Learnings

Discussion in 'English Only' started by seroca, Oct 1, 2009.

  1. seroca

    seroca Member

    San Francisco, Ca.
    Mexico / Spanish
    Hello everyone,

    Is "learnings" an actual gramatically correct word? I've read it often and I know it is used, but then I found this somewhere online:

    http://blog.jeffreymcmanus.com/157/learnings-is-a-stupid-stupid-word/
    Attention, Masters of Business Administration of Corporate America:
    Quit using the word ‘learnings’. It makes you sound really stupid. The word you really want is ‘lessons’.
    Your pal,
    Jeffrey

    So, is it valid and correct to use it at all?

    Thanks!
     
  2. cuchuflete

    cuchuflete Senior Member

    Maine, EEUU
    EEUU-inglés
    Hello seroca,

    It is of no use at all to quote a comment about the word. What we must have, if we are to comment intelligently, is an example of the word in use, in a full sentence, together with context and background.
     
  3. seroca

    seroca Member

    San Francisco, Ca.
    Mexico / Spanish
    I agree. I've seen it used quite often in expressions such as "the student will be able to apply these learning to the process of..." Usually referred to what students or participants learn after a class, seminar, etc.
     
  4. cuchuflete

    cuchuflete Senior Member

    Maine, EEUU
    EEUU-inglés
    This grows more confusing. The thread title and first post are about a plural noun, learnings. The example fragment is about something entirely different, these learning,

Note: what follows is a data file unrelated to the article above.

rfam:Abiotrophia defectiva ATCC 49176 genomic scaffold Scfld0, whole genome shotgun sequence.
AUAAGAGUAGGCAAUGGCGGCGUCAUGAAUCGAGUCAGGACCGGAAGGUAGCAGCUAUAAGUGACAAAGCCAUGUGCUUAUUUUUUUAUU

which makes no sense in English.

    Which one are you interested in?
     
  5. seroca

    seroca Member

    San Francisco, Ca.
    Mexico / Spanish
    Ups, that was a mistake, it is learnings. the example should have read: "the student will be able to apply these learnings to the process of..."
     
  6. cuchuflete

    cuchuflete Senior Member

    Maine, EEUU
    EEUU-inglés
    Thanks seroca. That makes it all clear. The writer of that nonsense should be shot at dawn, with or without a blindfold, with or without a hearty breakfast, and with a stern prescriptivist grammarian available to perform the last rites.

    "...will be able to apply these learnings..." is atrocious. It is also incorrect.
     
  7. Copyright

    Copyright Mod Cat

    Penang
    American English
    I agree... but it is heard all too often in business circles. Perhaps it will go the way of yellow suspenders, but "at this point in time" is still with us.
     
  8. Nunty

    Nunty Modified

    Jerusalem
    Hebrew-US English (bilingual)
    I agree with everything cuchu said.

    Unfortunately, a tour of the Google universe using "apply these learnings" (with the quotation marks) as the search term shows that the phrase is being widely applied. I didn't have the stomach to read all the entires, but it appears to be some kind of new and trendy jargon in the fields of education and business/marketing.

    EDIT: The remark quoted in the first post now makes perfect sense.
     
  9. seroca

    seroca Member

    San Francisco, Ca.
    Mexico / Spanish
    So what would be a better way of saying it? "...apply these lessons..."?
     
  10. Loob

    Loob Senior Member

    English UK
    Yes - I would much prefer :tick:"lessons" to :eek:"learnings".
     
  11. GreenWhiteBlue

    GreenWhiteBlue Senior Member

    The City of New York
    USA - English